One day, I had a telephone call from the leader of a left-leaning political party who had close connections with those at the Defence Ministry. He was on visiting terms. He met me at home and did not lose time in asking me how I got details of the MiG-27 deal. I had to open a Pilot’s briefcase to pull out the documents and prove a point to him – why not punish those involved, I asked. He asked me for a copy of the contract but I said it was difficult at that point of time.

Hounded for Expose

What I heard days later from my sources in the military was distressing. Plans were afoot to raid my house. They were after the pilot’s briefcase. A sinister plan had already been set in motion. Loud hailers fixed with speakers were going around the area where I live warning residents that LTTE cadres were hiding in homes. Hence, the announcement said, a house to house search was underway. The idea was to raid my house. My source who was very familiar with the plans and asked me to get out of the house with my family. The advise was because I had some cause to protest that my house was raided in my absence.

There was a problem. A religious event in Colombo that had drawn members of the Bohra community from world over. All hotels in Colombo were full. My friend Amal Jayasinghe was kind enough to arrange for a hotel in Kalutara. Two others who are common friends, including a staffer in a diplomatic mission, drove me there. He also took charge of the pilot’s briefcase.

There was more disturbing news just two weeks before Lasantha Wickremetunga was murdered. A very highly placed source asked me to get out of the house that very night. I flew to Thailand. I had spent long stints there living in an apartment cooking food, washing clothes and working online. The next morning, my driver who was alerted, saw a man with an oversized bush shirt moving outside my house in a motorcycle. When there was a strong wind blowing, the bottom part of the shirt went up. There was a pistol on his waist. The driver noted the registration number. I checked it on a secure phone from Bangkok. The registration plate belonged to a lorry.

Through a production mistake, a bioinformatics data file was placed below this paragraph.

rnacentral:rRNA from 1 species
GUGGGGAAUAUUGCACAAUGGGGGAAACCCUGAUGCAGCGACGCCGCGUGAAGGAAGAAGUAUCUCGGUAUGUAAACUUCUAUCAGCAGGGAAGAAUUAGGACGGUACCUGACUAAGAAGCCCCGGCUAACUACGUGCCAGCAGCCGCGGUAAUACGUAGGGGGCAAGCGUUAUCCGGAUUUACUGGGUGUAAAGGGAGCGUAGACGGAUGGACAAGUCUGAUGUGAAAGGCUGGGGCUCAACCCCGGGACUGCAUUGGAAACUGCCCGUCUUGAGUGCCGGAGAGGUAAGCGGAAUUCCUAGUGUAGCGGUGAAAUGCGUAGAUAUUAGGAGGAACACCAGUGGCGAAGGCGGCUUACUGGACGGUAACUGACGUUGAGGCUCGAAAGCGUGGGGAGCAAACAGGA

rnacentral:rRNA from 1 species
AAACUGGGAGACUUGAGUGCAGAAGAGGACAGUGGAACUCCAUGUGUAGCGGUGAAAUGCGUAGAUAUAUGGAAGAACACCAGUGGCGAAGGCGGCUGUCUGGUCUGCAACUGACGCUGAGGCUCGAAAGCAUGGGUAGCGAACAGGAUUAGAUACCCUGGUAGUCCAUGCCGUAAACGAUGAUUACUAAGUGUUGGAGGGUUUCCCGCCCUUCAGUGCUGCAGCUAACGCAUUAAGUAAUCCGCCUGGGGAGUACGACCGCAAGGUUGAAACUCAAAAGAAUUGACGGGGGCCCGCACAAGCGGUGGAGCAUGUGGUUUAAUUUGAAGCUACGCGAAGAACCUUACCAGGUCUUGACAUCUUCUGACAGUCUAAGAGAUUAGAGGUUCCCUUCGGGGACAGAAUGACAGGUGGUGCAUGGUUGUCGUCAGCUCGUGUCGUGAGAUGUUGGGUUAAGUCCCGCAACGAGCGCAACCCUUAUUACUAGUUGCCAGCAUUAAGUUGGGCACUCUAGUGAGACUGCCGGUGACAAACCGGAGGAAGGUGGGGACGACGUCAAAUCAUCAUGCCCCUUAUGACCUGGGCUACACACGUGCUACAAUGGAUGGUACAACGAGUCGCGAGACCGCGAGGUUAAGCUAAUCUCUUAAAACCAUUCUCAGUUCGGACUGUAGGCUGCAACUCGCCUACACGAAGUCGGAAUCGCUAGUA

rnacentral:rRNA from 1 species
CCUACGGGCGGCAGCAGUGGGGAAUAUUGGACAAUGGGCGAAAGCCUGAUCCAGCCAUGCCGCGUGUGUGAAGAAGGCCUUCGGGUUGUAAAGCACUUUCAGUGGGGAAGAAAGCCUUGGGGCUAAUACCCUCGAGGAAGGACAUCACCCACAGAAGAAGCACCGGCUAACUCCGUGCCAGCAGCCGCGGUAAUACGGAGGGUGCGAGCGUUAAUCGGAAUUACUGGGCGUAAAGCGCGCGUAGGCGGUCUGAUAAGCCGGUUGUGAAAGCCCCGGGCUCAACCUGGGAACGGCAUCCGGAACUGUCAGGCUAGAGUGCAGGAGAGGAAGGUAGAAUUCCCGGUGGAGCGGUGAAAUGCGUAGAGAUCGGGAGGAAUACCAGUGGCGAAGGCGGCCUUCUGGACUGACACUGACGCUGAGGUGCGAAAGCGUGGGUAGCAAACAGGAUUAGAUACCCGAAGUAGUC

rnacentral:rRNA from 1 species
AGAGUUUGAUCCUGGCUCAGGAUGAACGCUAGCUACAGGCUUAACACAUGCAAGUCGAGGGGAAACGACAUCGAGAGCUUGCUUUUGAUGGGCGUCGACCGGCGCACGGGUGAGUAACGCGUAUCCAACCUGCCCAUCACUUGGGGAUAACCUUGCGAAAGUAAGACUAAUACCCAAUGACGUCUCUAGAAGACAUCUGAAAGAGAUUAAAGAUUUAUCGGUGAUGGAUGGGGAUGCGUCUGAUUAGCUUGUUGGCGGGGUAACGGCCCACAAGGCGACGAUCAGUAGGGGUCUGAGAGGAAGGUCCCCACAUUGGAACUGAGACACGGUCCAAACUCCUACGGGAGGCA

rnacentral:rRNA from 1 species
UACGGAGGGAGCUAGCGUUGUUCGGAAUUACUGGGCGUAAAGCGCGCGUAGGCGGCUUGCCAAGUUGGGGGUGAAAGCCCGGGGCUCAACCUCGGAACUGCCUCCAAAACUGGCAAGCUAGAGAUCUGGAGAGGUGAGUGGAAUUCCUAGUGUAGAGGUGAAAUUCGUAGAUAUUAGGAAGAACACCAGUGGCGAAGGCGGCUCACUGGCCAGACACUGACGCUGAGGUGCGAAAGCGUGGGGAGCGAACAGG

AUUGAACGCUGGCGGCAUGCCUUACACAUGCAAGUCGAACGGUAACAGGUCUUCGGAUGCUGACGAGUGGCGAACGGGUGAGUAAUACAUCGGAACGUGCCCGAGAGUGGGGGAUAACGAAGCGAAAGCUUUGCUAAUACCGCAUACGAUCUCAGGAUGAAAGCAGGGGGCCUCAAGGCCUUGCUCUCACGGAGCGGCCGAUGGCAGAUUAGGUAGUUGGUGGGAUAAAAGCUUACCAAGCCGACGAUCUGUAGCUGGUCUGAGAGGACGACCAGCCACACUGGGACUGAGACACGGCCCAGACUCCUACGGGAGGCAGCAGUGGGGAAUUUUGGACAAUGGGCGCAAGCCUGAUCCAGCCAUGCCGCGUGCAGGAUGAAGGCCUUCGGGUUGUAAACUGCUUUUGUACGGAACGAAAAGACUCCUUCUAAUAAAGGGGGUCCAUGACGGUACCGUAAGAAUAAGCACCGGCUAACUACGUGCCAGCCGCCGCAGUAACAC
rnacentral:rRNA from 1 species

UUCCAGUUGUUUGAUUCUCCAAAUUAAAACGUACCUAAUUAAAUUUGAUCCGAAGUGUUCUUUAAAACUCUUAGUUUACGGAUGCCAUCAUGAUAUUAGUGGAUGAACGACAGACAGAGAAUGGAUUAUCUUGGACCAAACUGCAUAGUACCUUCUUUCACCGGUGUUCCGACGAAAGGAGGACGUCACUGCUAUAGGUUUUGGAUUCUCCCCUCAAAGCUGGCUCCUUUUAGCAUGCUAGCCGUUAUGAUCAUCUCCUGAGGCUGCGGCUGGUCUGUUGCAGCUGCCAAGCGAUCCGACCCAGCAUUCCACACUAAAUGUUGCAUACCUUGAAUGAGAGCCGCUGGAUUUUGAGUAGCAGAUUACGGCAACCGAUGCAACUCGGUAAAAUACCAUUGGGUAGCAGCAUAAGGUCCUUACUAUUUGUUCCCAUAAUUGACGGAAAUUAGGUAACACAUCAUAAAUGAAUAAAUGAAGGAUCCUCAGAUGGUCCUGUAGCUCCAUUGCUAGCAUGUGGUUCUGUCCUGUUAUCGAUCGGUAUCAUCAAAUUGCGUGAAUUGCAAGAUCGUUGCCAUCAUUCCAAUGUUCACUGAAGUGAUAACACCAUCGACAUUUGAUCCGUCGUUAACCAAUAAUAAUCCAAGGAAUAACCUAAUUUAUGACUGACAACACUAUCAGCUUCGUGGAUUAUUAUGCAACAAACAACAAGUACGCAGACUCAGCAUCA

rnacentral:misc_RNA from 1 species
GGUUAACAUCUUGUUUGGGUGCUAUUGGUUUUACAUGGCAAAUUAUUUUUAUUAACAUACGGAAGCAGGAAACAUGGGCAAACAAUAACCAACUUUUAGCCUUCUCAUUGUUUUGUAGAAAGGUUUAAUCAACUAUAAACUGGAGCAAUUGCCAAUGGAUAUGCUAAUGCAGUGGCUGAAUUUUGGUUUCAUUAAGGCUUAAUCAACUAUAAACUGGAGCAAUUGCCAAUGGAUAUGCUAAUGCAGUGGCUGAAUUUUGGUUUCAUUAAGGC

When the so-called Yahapalanaya government came to power, they set up the Financial Crimes Investigation Division (FCID). I made a statement to them in early 2015 and investigations began. I have learned that an FCID team went to Ukraine. On April 25, 2016 at 10 a.m. they met top Ukranian government officials including the Prosecutor General. When told about the purchase of the last four MiG-27s, their response was shocking. The answer was “we never sold any MiG 27s to Sri Lanka.”


Here are some of the findings: The so-called contract which the Sri Lanka Air Force signed with Ukrinmarsh does not exist. If there were claims that the moneys were remitted to a Bellimissa Holdings, to a drop box number in London, it was false. It has transpired that Bellimissa Holdings was a company formed by the previous supplier only for the purpose of the last deal. That had been kept a secret by those involved.

I will not delve into more details since the investigations are still underway. However, like thousands of Sri Lankans, I am skeptical whether the findings into the MiG-27 deal will see the light of day. Yet, it is with great delight I say I am vindicated. For those who accused me as a traitor, I have proved I am not. I have that way done a service to the country. The traitors are those who have milked the Sri Lankan taxpayers money.

There is also a good side to all this. There are a vast number of honest, committed and patriotic men in our military. They are vast in number, the crooks are a handful. As you know, it is one of them, who wanted the Sri Lankan public to expose the corrupt activity, who gave me the contract. There are those who were very concerned about me and my family. Some even diverted their own men to drive past my residence late nights to ensure nothing was wrong.